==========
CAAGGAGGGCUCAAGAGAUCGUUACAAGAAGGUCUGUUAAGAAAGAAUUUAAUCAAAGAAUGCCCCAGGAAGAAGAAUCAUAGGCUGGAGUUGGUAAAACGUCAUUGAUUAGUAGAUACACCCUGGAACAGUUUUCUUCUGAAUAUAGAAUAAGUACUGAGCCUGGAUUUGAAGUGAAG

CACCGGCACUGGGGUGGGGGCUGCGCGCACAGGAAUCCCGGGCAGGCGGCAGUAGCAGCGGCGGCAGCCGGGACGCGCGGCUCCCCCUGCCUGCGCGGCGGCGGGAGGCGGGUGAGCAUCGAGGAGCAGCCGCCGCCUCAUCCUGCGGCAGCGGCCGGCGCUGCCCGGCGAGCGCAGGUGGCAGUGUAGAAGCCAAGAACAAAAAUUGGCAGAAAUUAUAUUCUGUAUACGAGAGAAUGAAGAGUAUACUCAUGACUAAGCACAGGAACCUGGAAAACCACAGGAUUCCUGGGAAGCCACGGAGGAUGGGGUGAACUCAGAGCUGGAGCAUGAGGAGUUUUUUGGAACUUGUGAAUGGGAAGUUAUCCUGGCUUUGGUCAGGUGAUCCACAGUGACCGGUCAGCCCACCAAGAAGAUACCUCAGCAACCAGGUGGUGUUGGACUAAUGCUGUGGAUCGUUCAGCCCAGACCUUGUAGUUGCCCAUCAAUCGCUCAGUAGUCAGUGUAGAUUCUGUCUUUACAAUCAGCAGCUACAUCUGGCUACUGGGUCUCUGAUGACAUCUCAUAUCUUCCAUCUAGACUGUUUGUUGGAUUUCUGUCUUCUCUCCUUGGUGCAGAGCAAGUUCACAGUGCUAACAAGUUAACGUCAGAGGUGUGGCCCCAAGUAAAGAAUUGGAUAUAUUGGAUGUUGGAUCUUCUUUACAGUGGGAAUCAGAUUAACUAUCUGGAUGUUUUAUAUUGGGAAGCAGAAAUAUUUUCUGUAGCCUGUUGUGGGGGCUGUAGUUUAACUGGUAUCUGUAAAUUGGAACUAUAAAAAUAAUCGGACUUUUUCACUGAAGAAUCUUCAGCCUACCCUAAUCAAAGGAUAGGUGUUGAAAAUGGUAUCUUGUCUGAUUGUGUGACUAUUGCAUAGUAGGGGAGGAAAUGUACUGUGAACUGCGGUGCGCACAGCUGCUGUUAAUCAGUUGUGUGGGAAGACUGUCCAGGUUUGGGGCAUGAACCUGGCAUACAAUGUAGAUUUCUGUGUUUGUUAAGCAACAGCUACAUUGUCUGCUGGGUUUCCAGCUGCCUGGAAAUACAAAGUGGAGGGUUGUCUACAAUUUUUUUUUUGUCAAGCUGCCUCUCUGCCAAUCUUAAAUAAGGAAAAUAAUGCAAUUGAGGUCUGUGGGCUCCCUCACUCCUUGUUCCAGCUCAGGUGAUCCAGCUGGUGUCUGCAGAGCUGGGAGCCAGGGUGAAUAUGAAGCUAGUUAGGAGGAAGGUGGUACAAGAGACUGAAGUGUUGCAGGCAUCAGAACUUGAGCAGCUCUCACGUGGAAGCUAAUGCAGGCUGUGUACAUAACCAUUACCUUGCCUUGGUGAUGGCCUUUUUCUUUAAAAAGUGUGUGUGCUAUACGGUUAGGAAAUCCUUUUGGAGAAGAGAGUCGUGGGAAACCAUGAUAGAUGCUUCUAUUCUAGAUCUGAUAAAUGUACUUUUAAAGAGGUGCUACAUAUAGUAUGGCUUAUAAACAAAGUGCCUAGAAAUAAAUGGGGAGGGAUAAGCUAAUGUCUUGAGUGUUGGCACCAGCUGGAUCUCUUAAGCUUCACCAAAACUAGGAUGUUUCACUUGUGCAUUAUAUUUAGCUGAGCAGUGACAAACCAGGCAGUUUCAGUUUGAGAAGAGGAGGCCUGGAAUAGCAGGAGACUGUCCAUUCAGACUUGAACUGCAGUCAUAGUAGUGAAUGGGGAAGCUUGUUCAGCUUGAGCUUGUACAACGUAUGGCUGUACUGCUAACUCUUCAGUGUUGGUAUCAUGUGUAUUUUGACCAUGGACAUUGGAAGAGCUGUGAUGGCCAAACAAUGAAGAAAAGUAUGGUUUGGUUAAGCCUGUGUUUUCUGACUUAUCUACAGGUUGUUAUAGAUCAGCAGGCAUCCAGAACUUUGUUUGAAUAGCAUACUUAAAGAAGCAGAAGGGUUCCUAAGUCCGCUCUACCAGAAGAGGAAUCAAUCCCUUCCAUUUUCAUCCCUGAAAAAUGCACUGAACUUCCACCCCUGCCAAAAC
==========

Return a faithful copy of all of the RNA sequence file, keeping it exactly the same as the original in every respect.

CAAGGAGGGCUCAAGAGAUCGUUACAAGAAGGUCUGUUAAGAAAGAAUUUAAUCAAAGAAUGCCCCAGGAAGAAGAAUCAUAGGCUGGAGUUGGUAAAACGUCAUUGAUUAGUAGAUACACCCUGGAACAGUUUUCUUCUGAAUAUAGAAUAAGUACUGAGCCUGGAUUUGAAGUGAAG

CACCGGCACUGGGGUGGGGGCUGCGCGCACAGGAAUCCCGGGCAGGCGGCAGUAGCAGCGGCGGCAGCCGGGACGCGCGGCUCCCCCUGCCUGCGCGGCGGCGGGAGGCGGGUGAGCAUCGAGGAGCAGCCGCCGCCUCAUCCUGCGGCAGCGGCCGGCGCUGCCCGGCGAGCGCAGGUGGCAGUGUAGAAGCCAAGAACAAAAAUUGGCAGAAAUUAUAUUCUGUAUACGAGAGAAUGAAGAGUAUACUCAUGACUAAGCACAGGAACCUGGAAAACCACAGGAUUCCUGGGAAGCCACGGAGGAUGGGGUGAACUCAGAGCUGGAGCAUGAGGAGUUUUUUGGAACUUGUGAAUGGGAAGUUAUCCUGGCUUUGGUCAGGUGAUCCACAGUGACCGGUCAGCCCACCAAGAAGAUACCUCAGCAACCAGGUGGUGUUGGACUAAUGCUGUGGAUCGUUCAGCCCAGACCUUGUAGUUGCCCAUCAAUCGCUCAGUAGUCAGUGUAGAUUCUGUCUUUACAAUCAGCAGCUACAUCUGGCUACUGGGUCUCUGAUGACAUCUCAUAUCUUCCAUCUAGACUGUUUGUUGGAUUUCUGUCUUCUCUCCUUGGUGCAGAGCAAGUUCACAGUGCUAACAAGUUAACGUCAGAGGUGUGGCCCCAAGUAAAGAAUUGGAUAUAUUGGAUGUUGGAUCUUCUUUACAGUGGGAAUCAGAUUAACUAUCUGGAUGUUUUAUAUUGGGAAGCAGAAAUAUUUUCUGUAGCCUGUUGUGGGGGCUGUAGUUUAACUGGUAUCUGUAAAUUGGAACUAUAAAAAUAAUCGGACUUUUUCACUGAAGAAUCUUCAGCCUACCCUAAUCAAAGGAUAGGUGUUGAAAAUGGUAUCUUGUCUGAUUGUGUGACUAUUGCAUAGUAGGGGAGGAAAUGUACUGUGAACUGCGGUGCGCACAGCUGCUGUUAAUCAGUUGUGUGGGAAGACUGUCCAGGUUUGGGGCAUGAACCUGGCAUACAAUGUAGAUUUCUGUGUUUGUUAAGCAACAGCUACAUUGUCUGCUGGGUUUCCAGCUGCCUGGAAAUACAAAGUGGAGGGUUGUCUACAAUUUUUUUUUUGUCAAGCUGCCUCUCUGCCAAUCUUAAAUAAGGAAAAUAAUGCAAUUGAGGUCUGUGGGCUCCCUCACUCCUUGUUCCAGCUCAGGUGAUCCAGCUGGUGUCUGCAGAGCUGGGAGCCAGGGUGAAUAUGAAGCUAGUUAGGAGGAAGGUGGUACAAGAGACUGAAGUGUUGCAGGCAUCAGAACUUGAGCAGCUCUCACGUGGAAGCUAAUGCAGGCUGUGUACAUAACCAUUACCUUGCCUUGGUGAUGGCCUUUUUCUUUAAAAAGUGUGUGUGCUAUACGGUUAGGAAAUCCUUUUGGAGAAGAGAGUCGUGGGAAACCAUGAUAGAUGCUUCUAUUCUAGAUCUGAUAAAUGUACUUUUAAAGAGGUGCUACAUAUAGUAUGGCUUAUAAACAAAGUGCCUAGAAAUAAAUGGGGAGGGAUAAGCUAAUGUCUUGAGUGUUGGCACCAGCUGGAUCUCUUAAGCUUCACCAAAACUAGGAUGUUUCACUUGUGCAUUAUAUUUAGCUGAGCAGUGACAAACCAGGCAGUUUCAGUUUGAGAAGAGGAGGCCUGGAAUAGCAGGAGACUGUCCAUUCAGACUUGAACUGCAGUCAUAGUAGUGAAUGGGGAAGCUUGUUCAGCUUGAGCUUGUACAACGUAUGGCUGUACUGCUAACUCUUCAGUGUUGGUAUCAUGUGUAUUUUGACCAUGGACAUUGGAAGAGCUGUGAUGGCCAAACAAUGAAGAAAAGUAUGGUUUGGUUAAGCCUGUGUUUUCUGACUUAUCUACAGGUUGUUAUAGAUCAGCAGGCAUCCAGAACUUUGUUUGAAUAGCAUACUUAAAGAAGCAGAAGGGUUCCUAAGUCCGCUCUACCAGAAGAGGAAUCAAUCCCUUCCAUUUUCAUCCCUGAAAAAUGCACUGAACUUCCACCCCUGCCAAAAC